In the photo I’m bringing the pants up to where they are supposed to sit and wow, they’re big. At least I can chuck these in the trash guilt free. I’ve been reworking through Marie Kondo’s book, especially as I’m finding items like this where the guilt of needing but not wanting to finish them weighs me down. I just wonder how many other surprises are lurking in the remaining craft room boxes.
Fresh from the UFO pile, I bring you Vogue 1020, a knit wardrobe pattern where I made the top. It is gathered on the left side, has three quarter length sleeves, and in the pattern also has an option for a dress length.
I cut out this top five years ago, I think. I remember messing with it, getting upset with the gathering, chucking it in a closet, and finding it only when I was unpacking a moving box. It’s a front, back, and two sleeves, and all of the pieces were together, but the one side was still open and I had no idea how I was going to finish this up as I still hadn’t unpacked my coverstitch machine. The fabric choice for this was unfortunate. I think it’s from Jo-Ann’s, but I don’t remember if I bought it or my mom. It’s pretty beefy for a jersey, and it sewed up fine. However, the print obscures the lines of the design, and honestly, I’m just not loving it. It’s fun, but I feel like the print is wearing me rather than the other way around. Also, I’m not really drawn to yellow or bronze tones these days, so I can already tell that its days in my closet are numbered.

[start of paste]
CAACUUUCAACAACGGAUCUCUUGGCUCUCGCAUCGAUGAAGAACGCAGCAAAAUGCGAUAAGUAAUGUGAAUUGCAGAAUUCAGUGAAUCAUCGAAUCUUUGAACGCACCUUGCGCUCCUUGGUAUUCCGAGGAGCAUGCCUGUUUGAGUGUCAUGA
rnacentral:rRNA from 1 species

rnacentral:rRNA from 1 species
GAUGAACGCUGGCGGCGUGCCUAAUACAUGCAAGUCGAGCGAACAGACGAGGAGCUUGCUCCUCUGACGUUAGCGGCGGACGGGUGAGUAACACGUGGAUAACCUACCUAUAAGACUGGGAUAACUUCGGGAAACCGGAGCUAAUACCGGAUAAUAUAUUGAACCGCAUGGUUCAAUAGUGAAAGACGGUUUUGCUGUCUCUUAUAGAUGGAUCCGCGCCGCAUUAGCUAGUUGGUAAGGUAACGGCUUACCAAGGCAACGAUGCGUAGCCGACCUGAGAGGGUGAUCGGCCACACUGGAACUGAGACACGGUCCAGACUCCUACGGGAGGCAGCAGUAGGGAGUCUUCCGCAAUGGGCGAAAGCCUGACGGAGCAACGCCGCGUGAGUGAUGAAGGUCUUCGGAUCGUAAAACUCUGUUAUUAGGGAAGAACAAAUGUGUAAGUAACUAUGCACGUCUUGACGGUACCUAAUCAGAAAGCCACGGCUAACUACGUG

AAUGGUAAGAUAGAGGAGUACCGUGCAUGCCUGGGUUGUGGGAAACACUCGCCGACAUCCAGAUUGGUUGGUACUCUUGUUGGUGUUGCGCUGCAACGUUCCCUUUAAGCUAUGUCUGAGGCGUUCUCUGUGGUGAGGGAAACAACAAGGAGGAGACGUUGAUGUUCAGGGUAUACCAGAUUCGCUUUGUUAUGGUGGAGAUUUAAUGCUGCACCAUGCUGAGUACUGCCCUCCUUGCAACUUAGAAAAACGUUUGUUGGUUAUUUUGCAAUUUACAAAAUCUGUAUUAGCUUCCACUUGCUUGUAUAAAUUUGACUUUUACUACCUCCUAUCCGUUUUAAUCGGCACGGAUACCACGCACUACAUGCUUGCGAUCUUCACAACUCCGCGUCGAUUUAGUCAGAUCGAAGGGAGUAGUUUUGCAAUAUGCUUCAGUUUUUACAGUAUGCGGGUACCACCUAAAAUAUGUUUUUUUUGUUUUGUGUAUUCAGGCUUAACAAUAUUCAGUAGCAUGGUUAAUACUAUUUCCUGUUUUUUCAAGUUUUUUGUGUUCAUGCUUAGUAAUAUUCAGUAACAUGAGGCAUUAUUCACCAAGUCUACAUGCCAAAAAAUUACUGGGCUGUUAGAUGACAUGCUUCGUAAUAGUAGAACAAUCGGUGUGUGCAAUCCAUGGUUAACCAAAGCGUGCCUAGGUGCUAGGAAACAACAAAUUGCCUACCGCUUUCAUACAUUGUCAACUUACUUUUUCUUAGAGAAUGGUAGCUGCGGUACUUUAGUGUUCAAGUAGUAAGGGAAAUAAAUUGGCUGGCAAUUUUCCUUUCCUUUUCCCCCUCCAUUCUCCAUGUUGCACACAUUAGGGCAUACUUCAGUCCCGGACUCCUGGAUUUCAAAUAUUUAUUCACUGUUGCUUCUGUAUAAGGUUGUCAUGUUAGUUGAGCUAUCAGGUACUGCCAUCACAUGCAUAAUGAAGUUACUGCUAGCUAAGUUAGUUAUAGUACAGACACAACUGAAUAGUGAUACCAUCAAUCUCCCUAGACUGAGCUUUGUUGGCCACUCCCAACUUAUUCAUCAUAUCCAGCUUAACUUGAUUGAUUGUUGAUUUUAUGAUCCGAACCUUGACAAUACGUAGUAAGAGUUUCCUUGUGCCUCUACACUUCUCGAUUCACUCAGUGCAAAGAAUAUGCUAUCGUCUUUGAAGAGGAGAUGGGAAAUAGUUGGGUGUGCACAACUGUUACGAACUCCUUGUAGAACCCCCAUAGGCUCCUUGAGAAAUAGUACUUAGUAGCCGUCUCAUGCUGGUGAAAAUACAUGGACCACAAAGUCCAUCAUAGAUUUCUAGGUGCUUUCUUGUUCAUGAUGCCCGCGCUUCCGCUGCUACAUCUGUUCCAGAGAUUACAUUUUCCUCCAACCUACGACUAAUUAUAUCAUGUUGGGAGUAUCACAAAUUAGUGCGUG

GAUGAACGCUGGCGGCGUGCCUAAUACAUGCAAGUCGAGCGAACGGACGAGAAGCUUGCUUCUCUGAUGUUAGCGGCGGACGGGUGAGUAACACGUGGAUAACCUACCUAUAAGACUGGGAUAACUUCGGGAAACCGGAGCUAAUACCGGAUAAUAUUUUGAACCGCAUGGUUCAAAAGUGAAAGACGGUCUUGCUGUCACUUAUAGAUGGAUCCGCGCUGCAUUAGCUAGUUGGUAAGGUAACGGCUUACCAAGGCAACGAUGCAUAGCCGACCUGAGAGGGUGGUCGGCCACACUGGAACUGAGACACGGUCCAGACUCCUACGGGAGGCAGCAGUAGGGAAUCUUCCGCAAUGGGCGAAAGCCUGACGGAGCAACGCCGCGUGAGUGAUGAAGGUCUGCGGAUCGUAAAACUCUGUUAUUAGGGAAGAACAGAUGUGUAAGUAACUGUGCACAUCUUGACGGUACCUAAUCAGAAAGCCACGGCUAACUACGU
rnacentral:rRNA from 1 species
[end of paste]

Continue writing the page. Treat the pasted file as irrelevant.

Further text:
That’s a bit tragic because I like the lines of this and think that it would be really nice in a solid color. The only drawback to the pattern is the gathering is controlled by some sort of stay for the left side as both front and back are gathered, and finding something I liked for that was harder than I would have liked. I used clear elastic this time, and it’s a bit too bulky and it is a total pain to sew with. That’s an understatement. I hate clear elastic all the time, but gathering with clear elastic was a nightmare. Still I think I want to make this again in a hefty knit for winter. I need to take out more length just above the waist, but all in all, not a terrible fit.
All of the edges including the neckline are turned under and hem stitched. Getting my coverstitch to behave for the first time in months was an interesting challenge as the looper thread tension was a mess, but once I fixed that via the third rethreading, hemming was a breeze. So all of the sewing machines have made it back onto the sewing table, and I need to get cracking on some new projects.
This was supposed to be a simple fast cross stitch project, a week max to complete and here I am a month later finally finishing it. I did not realize how much I would slow down with a 4 inch hoop because I could only stitch one handed and I would get a cramp in my left hand and every stitch was twice as long as I was used to. However, I’m thrilled with the final result and cannot wait to see this framed and on the wall.